It is important to understand the difference in presentation , pathophysiology and outcome between 
Meningitis ( symptoms of raised ICP ) and Meningococcal septicaemia ( Sepsis ) with shock which is a medical emergency – see below how the two disease processes differ
Babies may present with – Poor feeding Irritability particularly when handled with a high pitched or moaning cry Abnormal tone , either increased or decreased or abnormal posturing Vacant staring , poorly responsive or lethargic Tense fontanelle Cyanosis
Sepsis – Limb / joint pain Cold hands and feet and prolonged CRT Pale / mottled /blue skin Tachycardia Tachypnoea , laboured breathing , hypoxia Rigors Oliguria / thirst Rash anywhere on the body ( may not be an early
 symptom ) Abdominal pain ( sometimes with diarrhoea ) Drowsiness / confusion/ impaired consciousness 
( late sign in children ) Hypotension ( very late , pre-terminal sign in children ) Rapid deterioration is typical.
Focus on the following – symptoms of sepsis
 Fever Rigors Aches Limb pain Gastro-intestinal symptoms Weakness Rash Decreased urine output Cold hands and feet , mottled skin

Meningitis-Severe headache Neck stiffness ( not always present in young children ) Photophobia ( not always present in young children ) Drowsiness / confusion / impaired consciousness Seizure ( late sign ) Focal neurological deficit including cranial nerve involvement and dilated / unequal / poorly reacting pupils ( late signs ) Severe headache Neck stiffness ( not always present in young children ) Photophobia ( not always present in young children ) Drowsiness / confusion / impaired consciousness Seizure ( late sign ) Focal neurological deficit including cranial nerve involvement and dilated / unequal / poorly reacting pupils ( late signs ).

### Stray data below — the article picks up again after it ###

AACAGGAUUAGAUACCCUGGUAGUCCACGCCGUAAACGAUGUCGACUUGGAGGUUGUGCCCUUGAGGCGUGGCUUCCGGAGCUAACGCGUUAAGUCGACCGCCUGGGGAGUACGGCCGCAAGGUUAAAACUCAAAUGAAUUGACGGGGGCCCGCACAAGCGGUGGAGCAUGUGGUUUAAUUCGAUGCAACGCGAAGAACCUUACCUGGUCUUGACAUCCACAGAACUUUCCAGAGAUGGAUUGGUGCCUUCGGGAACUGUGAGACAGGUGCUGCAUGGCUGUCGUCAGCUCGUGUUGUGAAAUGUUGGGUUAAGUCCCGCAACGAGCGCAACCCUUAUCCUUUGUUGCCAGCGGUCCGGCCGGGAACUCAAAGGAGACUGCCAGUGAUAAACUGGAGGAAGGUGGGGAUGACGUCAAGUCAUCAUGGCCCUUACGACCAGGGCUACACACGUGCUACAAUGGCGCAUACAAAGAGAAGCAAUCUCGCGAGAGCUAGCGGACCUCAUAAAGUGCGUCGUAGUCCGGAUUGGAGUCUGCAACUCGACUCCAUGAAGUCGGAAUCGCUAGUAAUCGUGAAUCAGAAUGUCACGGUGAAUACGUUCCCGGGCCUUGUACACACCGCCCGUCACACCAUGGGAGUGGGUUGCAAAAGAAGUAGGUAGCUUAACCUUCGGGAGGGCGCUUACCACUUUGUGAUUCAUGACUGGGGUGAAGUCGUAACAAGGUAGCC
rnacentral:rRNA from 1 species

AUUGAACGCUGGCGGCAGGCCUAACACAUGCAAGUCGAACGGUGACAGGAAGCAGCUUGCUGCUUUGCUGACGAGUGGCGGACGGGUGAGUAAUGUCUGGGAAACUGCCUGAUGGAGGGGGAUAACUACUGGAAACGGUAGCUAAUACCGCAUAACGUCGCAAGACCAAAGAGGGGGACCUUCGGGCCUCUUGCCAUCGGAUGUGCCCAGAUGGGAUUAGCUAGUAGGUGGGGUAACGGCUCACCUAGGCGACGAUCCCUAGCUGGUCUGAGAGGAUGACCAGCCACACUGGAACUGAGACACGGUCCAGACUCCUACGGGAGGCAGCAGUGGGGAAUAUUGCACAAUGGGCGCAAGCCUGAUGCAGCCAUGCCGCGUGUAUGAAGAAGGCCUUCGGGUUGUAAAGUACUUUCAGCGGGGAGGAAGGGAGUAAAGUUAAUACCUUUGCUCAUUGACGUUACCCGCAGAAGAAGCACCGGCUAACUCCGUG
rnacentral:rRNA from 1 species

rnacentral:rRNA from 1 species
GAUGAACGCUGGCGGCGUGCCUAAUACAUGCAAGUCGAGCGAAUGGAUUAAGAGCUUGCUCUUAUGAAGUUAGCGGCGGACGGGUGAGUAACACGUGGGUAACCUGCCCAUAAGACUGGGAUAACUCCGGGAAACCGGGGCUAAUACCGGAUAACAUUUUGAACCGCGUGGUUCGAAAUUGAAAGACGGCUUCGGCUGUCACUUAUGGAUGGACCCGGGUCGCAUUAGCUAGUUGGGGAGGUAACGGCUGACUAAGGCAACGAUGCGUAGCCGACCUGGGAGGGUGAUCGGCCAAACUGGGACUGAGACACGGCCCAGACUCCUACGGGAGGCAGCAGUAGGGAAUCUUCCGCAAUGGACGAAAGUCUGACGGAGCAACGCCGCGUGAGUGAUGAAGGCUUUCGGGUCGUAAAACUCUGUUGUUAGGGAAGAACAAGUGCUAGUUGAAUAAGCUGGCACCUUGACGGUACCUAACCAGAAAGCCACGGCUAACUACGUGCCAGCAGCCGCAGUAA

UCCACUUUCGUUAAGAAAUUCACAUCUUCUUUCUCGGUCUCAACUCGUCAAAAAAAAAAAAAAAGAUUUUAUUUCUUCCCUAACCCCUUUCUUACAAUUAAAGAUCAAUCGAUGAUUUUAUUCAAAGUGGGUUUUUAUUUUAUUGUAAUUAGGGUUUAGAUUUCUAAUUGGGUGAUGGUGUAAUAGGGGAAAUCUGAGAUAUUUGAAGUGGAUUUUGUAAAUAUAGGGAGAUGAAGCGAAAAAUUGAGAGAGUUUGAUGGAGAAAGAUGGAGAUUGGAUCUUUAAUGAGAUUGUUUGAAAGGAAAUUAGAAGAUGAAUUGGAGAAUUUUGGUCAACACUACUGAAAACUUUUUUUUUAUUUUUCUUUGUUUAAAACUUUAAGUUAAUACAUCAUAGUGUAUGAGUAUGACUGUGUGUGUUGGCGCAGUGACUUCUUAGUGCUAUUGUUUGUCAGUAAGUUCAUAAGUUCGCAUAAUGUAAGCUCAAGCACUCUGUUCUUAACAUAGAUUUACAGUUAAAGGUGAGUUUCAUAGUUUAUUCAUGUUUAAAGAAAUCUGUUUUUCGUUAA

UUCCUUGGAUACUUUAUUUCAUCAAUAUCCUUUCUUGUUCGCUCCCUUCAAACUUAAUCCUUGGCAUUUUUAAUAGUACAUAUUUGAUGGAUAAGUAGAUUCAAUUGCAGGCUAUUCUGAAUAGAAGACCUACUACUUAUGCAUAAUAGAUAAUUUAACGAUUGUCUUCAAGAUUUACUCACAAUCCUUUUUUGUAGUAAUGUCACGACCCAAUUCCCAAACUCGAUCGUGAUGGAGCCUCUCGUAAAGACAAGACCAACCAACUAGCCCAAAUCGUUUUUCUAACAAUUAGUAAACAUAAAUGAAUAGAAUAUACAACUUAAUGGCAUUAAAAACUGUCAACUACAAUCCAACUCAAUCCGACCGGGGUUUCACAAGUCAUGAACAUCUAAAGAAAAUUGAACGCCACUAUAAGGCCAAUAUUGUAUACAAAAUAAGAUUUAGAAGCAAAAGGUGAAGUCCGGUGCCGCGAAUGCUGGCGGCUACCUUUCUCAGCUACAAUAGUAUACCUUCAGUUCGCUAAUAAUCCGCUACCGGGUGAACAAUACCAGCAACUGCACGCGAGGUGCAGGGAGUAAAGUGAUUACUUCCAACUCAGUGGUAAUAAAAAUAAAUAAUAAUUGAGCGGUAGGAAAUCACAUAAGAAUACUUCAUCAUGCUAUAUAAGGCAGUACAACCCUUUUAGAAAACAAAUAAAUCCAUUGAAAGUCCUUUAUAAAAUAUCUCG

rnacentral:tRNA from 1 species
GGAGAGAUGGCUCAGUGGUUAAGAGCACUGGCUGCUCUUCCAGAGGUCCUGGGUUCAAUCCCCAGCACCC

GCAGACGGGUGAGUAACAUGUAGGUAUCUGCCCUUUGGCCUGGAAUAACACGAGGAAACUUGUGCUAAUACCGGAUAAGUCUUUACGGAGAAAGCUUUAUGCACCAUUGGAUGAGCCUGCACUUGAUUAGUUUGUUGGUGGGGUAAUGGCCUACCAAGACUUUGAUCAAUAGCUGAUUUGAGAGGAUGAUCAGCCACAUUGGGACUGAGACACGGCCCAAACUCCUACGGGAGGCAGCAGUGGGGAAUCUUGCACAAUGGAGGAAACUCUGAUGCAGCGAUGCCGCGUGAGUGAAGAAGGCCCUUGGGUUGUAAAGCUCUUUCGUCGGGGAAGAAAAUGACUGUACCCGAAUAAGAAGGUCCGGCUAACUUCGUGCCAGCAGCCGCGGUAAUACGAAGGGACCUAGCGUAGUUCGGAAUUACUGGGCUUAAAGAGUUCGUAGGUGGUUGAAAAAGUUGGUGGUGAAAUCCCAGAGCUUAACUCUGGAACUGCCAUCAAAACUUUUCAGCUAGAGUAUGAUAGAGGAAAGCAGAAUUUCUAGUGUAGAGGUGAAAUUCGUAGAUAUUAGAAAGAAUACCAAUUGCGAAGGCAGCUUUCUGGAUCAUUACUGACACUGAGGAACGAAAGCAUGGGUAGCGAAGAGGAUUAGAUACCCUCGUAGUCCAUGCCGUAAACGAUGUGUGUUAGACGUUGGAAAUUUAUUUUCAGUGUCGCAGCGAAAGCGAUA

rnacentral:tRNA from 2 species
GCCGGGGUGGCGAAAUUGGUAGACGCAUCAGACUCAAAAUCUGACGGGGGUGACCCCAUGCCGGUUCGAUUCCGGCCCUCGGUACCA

Meningococcal disease can present as
♦ bacterial meningitis – 15 % cases
♦ septicaemia – 25 % of cases
♦ combination of the two syndromes – 60 % of cases
 Acute bacterial meningitis is the leading cause of death 
( one of top 10 ) caused by infections worldwide Diagnosis can be extremely challenging
♦ classical signs of meningitis are often absent in infants 
♦ children present as an acutely febrile child – may not have a rash at first
♦ symptoms can be subtle
♦ febrile disease of sudden onset –> classical picture of MD